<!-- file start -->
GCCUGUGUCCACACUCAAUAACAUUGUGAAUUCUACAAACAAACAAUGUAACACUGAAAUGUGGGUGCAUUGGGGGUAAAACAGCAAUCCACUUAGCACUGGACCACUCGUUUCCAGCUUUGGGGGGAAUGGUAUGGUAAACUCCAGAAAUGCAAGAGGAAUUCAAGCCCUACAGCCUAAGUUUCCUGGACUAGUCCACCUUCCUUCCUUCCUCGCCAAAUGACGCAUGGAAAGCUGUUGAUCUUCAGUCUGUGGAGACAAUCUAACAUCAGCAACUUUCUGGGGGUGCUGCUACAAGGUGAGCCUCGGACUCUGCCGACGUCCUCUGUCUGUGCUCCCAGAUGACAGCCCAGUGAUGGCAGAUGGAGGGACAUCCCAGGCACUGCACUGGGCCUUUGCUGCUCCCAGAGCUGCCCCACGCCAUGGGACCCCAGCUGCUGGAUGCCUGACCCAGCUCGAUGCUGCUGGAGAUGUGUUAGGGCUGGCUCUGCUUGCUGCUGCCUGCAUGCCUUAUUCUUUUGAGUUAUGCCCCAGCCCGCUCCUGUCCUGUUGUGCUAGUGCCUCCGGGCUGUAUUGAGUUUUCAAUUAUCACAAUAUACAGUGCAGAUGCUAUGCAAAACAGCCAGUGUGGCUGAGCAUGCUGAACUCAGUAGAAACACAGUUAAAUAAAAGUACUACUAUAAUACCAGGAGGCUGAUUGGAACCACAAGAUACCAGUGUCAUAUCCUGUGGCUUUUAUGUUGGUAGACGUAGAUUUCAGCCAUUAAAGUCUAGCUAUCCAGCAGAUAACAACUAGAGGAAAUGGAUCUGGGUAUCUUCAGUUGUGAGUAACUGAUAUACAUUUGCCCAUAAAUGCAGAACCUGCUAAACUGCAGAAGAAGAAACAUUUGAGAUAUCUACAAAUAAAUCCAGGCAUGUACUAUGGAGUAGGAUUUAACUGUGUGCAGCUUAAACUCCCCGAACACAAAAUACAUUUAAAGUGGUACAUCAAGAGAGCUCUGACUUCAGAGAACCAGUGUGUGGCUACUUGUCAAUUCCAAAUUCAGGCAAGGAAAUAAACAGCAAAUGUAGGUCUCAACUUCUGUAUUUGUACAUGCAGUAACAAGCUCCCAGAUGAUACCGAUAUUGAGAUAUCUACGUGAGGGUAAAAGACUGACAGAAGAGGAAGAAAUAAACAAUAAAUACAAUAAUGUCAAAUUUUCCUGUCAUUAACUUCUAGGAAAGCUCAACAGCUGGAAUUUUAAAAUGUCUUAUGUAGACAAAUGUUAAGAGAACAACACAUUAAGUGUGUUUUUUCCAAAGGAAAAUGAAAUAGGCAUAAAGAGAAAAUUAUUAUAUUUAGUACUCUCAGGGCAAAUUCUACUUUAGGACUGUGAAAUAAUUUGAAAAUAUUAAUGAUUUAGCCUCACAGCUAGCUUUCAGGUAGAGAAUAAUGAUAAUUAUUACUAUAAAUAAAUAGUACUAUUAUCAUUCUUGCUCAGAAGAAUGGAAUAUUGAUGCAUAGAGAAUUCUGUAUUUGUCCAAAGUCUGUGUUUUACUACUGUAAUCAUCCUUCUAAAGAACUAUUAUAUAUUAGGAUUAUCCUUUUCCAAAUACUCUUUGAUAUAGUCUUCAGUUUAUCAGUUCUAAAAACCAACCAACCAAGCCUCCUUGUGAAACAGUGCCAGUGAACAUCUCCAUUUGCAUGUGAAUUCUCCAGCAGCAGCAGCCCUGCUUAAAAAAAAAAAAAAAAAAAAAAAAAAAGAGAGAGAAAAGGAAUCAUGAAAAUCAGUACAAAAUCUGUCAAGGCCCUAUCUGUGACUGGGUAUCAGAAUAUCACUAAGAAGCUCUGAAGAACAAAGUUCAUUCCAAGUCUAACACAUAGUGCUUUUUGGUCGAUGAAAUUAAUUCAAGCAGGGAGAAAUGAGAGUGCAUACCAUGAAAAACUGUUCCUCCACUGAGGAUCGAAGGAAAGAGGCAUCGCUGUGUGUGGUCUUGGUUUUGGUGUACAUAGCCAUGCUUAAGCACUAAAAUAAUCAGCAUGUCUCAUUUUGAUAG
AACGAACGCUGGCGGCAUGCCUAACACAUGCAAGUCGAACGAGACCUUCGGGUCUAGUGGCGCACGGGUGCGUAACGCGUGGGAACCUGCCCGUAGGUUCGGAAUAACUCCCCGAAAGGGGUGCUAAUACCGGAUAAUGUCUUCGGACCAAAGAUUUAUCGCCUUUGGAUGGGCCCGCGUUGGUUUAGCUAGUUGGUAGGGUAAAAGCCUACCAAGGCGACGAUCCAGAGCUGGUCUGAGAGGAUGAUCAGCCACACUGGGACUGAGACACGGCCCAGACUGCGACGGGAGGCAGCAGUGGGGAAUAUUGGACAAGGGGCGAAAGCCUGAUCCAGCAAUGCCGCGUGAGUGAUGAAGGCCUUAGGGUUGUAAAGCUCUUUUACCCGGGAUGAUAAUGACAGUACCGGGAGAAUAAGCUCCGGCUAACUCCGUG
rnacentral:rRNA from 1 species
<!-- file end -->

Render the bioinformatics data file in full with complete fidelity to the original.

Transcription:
GCCUGUGUCCACACUCAAUAACAUUGUGAAUUCUACAAACAAACAAUGUAACACUGAAAUGUGGGUGCAUUGGGGGUAAAACAGCAAUCCACUUAGCACUGGACCACUCGUUUCCAGCUUUGGGGGGAAUGGUAUGGUAAACUCCAGAAAUGCAAGAGGAAUUCAAGCCCUACAGCCUAAGUUUCCUGGACUAGUCCACCUUCCUUCCUUCCUCGCCAAAUGACGCAUGGAAAGCUGUUGAUCUUCAGUCUGUGGAGACAAUCUAACAUCAGCAACUUUCUGGGGGUGCUGCUACAAGGUGAGCCUCGGACUCUGCCGACGUCCUCUGUCUGUGCUCCCAGAUGACAGCCCAGUGAUGGCAGAUGGAGGGACAUCCCAGGCACUGCACUGGGCCUUUGCUGCUCCCAGAGCUGCCCCACGCCAUGGGACCCCAGCUGCUGGAUGCCUGACCCAGCUCGAUGCUGCUGGAGAUGUGUUAGGGCUGGCUCUGCUUGCUGCUGCCUGCAUGCCUUAUUCUUUUGAGUUAUGCCCCAGCCCGCUCCUGUCCUGUUGUGCUAGUGCCUCCGGGCUGUAUUGAGUUUUCAAUUAUCACAAUAUACAGUGCAGAUGCUAUGCAAAACAGCCAGUGUGGCUGAGCAUGCUGAACUCAGUAGAAACACAGUUAAAUAAAAGUACUACUAUAAUACCAGGAGGCUGAUUGGAACCACAAGAUACCAGUGUCAUAUCCUGUGGCUUUUAUGUUGGUAGACGUAGAUUUCAGCCAUUAAAGUCUAGCUAUCCAGCAGAUAACAACUAGAGGAAAUGGAUCUGGGUAUCUUCAGUUGUGAGUAACUGAUAUACAUUUGCCCAUAAAUGCAGAACCUGCUAAACUGCAGAAGAAGAAACAUUUGAGAUAUCUACAAAUAAAUCCAGGCAUGUACUAUGGAGUAGGAUUUAACUGUGUGCAGCUUAAACUCCCCGAACACAAAAUACAUUUAAAGUGGUACAUCAAGAGAGCUCUGACUUCAGAGAACCAGUGUGUGGCUACUUGUCAAUUCCAAAUUCAGGCAAGGAAAUAAACAGCAAAUGUAGGUCUCAACUUCUGUAUUUGUACAUGCAGUAACAAGCUCCCAGAUGAUACCGAUAUUGAGAUAUCUACGUGAGGGUAAAAGACUGACAGAAGAGGAAGAAAUAAACAAUAAAUACAAUAAUGUCAAAUUUUCCUGUCAUUAACUUCUAGGAAAGCUCAACAGCUGGAAUUUUAAAAUGUCUUAUGUAGACAAAUGUUAAGAGAACAACACAUUAAGUGUGUUUUUUCCAAAGGAAAAUGAAAUAGGCAUAAAGAGAAAAUUAUUAUAUUUAGUACUCUCAGGGCAAAUUCUACUUUAGGACUGUGAAAUAAUUUGAAAAUAUUAAUGAUUUAGCCUCACAGCUAGCUUUCAGGUAGAGAAUAAUGAUAAUUAUUACUAUAAAUAAAUAGUACUAUUAUCAUUCUUGCUCAGAAGAAUGGAAUAUUGAUGCAUAGAGAAUUCUGUAUUUGUCCAAAGUCUGUGUUUUACUACUGUAAUCAUCCUUCUAAAGAACUAUUAUAUAUUAGGAUUAUCCUUUUCCAAAUACUCUUUGAUAUAGUCUUCAGUUUAUCAGUUCUAAAAACCAACCAACCAAGCCUCCUUGUGAAACAGUGCCAGUGAACAUCUCCAUUUGCAUGUGAAUUCUCCAGCAGCAGCAGCCCUGCUUAAAAAAAAAAAAAAAAAAAAAAAAAAAGAGAGAGAAAAGGAAUCAUGAAAAUCAGUACAAAAUCUGUCAAGGCCCUAUCUGUGACUGGGUAUCAGAAUAUCACUAAGAAGCUCUGAAGAACAAAGUUCAUUCCAAGUCUAACACAUAGUGCUUUUUGGUCGAUGAAAUUAAUUCAAGCAGGGAGAAAUGAGAGUGCAUACCAUGAAAAACUGUUCCUCCACUGAGGAUCGAAGGAAAGAGGCAUCGCUGUGUGUGGUCUUGGUUUUGGUGUACAUAGCCAUGCUUAAGCACUAAAAUAAUCAGCAUGUCUCAUUUUGAUAG
AACGAACGCUGGCGGCAUGCCUAACACAUGCAAGUCGAACGAGACCUUCGGGUCUAGUGGCGCACGGGUGCGUAACGCGUGGGAACCUGCCCGUAGGUUCGGAAUAACUCCCCGAAAGGGGUGCUAAUACCGGAUAAUGUCUUCGGACCAAAGAUUUAUCGCCUUUGGAUGGGCCCGCGUUGGUUUAGCUAGUUGGUAGGGUAAAAGCCUACCAAGGCGACGAUCCAGAGCUGGUCUGAGAGGAUGAUCAGCCACACUGGGACUGAGACACGGCCCAGACUGCGACGGGAGGCAGCAGUGGGGAAUAUUGGACAAGGGGCGAAAGCCUGAUCCAGCAAUGCCGCGUGAGUGAUGAAGGCCUUAGGGUUGUAAAGCUCUUUUACCCGGGAUGAUAAUGACAGUACCGGGAGAAUAAGCUCCGGCUAACUCCGUG
rnacentral:rRNA from 1 species